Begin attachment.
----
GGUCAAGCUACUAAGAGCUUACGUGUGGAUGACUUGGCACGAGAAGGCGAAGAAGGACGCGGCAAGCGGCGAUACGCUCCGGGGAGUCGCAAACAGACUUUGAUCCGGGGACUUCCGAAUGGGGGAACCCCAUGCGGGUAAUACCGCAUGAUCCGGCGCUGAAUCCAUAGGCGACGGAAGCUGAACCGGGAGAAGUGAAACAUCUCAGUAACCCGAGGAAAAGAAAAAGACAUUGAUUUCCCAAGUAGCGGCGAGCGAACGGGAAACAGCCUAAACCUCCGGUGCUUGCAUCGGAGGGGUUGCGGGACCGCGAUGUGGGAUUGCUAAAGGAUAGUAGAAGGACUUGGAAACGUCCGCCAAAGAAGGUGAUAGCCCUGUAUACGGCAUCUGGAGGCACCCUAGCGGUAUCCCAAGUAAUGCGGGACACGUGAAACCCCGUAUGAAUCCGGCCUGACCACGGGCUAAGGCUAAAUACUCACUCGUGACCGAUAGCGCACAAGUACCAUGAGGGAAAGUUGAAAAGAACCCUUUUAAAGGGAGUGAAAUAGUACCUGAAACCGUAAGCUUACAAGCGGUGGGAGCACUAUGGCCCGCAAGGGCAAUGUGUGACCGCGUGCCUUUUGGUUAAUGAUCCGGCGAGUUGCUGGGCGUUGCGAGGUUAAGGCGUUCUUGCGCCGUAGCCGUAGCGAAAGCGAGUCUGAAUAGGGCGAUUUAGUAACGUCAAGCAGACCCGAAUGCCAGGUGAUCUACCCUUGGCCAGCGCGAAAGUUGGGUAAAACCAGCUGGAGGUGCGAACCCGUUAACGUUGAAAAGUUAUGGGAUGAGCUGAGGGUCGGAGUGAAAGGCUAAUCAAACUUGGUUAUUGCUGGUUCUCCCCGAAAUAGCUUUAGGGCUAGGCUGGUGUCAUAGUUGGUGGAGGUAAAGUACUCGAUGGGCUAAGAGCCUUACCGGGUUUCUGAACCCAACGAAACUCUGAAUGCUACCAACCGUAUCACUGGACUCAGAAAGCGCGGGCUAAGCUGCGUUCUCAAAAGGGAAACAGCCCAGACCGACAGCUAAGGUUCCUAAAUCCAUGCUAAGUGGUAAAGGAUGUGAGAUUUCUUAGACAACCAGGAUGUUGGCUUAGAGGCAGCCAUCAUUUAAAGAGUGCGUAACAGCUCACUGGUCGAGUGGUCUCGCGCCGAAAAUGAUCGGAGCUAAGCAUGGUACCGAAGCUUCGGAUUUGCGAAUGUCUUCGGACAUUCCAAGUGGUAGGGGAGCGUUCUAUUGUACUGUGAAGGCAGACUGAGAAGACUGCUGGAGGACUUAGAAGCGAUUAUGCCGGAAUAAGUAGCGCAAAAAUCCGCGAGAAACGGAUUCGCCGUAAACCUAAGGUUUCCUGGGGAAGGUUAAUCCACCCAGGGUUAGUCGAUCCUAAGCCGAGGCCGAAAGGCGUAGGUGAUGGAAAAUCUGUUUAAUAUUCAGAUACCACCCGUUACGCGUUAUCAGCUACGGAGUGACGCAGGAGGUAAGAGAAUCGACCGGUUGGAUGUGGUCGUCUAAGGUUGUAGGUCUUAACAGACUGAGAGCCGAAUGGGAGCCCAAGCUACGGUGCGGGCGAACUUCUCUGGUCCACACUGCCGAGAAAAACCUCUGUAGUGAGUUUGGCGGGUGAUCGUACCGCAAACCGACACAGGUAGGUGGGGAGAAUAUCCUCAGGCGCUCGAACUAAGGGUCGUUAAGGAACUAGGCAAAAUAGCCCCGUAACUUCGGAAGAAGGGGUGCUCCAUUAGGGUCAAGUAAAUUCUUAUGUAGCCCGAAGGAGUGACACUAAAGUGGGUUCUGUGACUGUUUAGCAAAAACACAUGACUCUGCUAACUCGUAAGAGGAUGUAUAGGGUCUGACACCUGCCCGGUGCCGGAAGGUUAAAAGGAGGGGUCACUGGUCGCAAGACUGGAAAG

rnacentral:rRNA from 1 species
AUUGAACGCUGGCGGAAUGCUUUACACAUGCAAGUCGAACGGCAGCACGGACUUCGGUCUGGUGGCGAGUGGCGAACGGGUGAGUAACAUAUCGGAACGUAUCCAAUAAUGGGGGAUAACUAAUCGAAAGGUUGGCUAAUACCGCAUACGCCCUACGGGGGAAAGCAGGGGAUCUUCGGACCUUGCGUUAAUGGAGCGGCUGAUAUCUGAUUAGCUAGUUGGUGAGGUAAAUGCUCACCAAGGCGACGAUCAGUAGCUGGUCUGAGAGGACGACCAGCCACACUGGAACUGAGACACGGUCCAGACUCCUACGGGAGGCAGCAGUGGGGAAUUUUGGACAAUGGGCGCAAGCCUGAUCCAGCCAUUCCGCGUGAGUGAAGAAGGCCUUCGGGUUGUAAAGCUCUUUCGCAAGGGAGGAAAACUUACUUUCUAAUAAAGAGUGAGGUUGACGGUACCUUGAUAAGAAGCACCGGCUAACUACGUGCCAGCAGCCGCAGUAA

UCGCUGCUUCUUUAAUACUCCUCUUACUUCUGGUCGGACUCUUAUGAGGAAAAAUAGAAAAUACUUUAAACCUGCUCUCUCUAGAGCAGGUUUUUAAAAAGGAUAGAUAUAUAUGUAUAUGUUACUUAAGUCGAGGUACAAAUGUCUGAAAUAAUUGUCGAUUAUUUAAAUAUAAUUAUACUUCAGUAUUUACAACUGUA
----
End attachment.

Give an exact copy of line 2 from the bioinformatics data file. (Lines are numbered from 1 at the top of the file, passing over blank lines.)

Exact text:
rnacentral:rRNA from 1 species